Green Warriors

The Green Bobbies started their training this week on the corner of Valley Road and Willow Lane in Winterskloof.  The first area of focus being the land on which the uMngeni Municipality’s Environmental Health Offices are located, next to the Winterskloof Tennis Courts.  This patch of land is infested with invasive alien plants, mainly camphor trees, bugweed, ginger, cestrum and lantana.  There are many Camphor seedlings (Category 1 Invasives – have to go!) which are growing from seeds dropped from the mature trees in the area.  There is also evidence of dumping of food waste and other litter, which is unacceptable for the offices housing the Environmental Health department of the uMngeni Municipality!

It is vital that all residents attend to their own invasive alien plants while the Conservancy works on the public spaces, otherwise we will not win this war.  And a war it is.  In their review of the Working for Water programme, Engineering News stated that:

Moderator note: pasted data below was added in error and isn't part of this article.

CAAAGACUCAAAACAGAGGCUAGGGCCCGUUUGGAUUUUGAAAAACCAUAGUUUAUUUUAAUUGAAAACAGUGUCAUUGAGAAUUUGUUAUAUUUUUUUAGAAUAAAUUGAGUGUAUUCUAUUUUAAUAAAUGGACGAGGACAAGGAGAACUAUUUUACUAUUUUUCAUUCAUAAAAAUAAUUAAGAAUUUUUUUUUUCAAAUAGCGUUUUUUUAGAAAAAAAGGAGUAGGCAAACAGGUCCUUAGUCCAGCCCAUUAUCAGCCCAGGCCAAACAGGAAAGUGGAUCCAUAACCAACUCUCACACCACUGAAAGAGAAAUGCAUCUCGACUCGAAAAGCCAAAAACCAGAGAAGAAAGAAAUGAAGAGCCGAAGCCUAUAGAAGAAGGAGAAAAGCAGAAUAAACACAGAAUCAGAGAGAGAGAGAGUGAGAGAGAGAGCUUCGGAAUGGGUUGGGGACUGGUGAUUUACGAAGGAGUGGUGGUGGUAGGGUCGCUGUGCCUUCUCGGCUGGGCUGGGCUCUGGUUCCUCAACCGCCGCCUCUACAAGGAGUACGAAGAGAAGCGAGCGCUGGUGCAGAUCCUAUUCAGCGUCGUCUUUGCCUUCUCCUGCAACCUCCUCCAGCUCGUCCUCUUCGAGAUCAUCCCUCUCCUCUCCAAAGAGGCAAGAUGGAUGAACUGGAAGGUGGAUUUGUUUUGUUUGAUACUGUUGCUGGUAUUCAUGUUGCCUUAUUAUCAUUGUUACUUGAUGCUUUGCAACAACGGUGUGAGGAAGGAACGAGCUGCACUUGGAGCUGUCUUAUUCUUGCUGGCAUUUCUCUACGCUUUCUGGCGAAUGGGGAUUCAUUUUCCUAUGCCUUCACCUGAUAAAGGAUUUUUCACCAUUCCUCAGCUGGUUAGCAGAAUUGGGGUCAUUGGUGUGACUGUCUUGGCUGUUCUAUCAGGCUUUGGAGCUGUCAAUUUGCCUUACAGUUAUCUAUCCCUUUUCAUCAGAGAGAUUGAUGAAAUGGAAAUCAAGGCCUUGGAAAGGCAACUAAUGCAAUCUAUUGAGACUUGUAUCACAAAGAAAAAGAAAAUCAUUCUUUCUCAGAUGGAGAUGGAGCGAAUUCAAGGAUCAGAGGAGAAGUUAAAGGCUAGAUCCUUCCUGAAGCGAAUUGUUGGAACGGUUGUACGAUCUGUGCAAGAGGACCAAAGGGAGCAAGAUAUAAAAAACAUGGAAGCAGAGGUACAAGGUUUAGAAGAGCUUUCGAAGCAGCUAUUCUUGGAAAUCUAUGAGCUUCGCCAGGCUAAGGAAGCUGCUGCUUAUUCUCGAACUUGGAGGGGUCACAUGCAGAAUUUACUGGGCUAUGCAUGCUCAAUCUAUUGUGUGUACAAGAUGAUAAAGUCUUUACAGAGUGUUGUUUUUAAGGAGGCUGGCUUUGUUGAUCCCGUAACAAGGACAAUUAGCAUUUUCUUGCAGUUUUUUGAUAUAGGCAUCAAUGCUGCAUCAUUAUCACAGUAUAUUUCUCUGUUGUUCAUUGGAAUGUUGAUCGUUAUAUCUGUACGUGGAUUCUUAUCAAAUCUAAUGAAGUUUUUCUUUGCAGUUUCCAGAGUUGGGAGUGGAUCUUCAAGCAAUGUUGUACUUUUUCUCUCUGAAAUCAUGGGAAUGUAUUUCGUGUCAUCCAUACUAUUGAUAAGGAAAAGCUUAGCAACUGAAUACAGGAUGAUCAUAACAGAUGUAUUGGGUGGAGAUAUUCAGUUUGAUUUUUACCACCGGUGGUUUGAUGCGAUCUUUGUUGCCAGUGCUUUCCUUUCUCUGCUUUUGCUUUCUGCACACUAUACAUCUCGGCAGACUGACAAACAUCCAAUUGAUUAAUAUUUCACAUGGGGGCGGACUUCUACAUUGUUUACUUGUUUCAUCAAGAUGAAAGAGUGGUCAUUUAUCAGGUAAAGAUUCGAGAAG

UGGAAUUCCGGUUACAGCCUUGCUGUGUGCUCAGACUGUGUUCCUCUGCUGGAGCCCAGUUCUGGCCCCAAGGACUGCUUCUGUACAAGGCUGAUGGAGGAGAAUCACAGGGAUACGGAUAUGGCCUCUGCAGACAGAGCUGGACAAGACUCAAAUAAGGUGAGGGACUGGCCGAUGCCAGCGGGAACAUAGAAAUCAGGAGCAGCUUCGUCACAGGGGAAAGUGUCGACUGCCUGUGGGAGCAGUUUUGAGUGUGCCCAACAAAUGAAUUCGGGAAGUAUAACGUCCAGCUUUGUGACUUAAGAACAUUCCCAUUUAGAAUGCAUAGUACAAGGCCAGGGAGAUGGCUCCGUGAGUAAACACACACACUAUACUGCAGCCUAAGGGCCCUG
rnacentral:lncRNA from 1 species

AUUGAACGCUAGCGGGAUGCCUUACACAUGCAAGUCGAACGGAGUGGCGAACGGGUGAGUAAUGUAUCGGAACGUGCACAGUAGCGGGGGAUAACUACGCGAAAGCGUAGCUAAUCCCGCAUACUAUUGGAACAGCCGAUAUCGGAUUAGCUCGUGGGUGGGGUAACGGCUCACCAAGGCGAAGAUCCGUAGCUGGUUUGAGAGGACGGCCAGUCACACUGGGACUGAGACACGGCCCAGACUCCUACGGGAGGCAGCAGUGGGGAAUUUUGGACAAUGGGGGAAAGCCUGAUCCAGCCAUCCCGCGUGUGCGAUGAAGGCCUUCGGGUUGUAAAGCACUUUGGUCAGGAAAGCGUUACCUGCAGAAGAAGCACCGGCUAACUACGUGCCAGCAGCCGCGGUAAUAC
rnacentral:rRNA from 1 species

The programme was started in 1995 to reduce what was then perceived to be the single biggest threat to the country’s biological biodiversity and water security – invasive alien plants (IAPs), which intensify the effect of fires and floods and increase soil erosion, while also diverting water from more productive uses and impeding industries such as agriculture, fisheries, transport, recreation and water supply, causing billions of rands of damage to South Africa’s economy every year.  The Department of Environmental Affairs (DEA) explains that invasive alien species are plants, animals and microbes that are introduced into countries, and then out-compete the indigenous species, and states that, of the estimated 9 000 plants introduced to the country, 198 are currently classified as being invasive. To date, the Working for Water (WfW) programme has cleared 2.1-million hectares of IAPs, with follow-up treatment of the areas.  It is estimated that these plants cover about 10% (19-million hectares) of the country and the problem is growing at an exponential rate.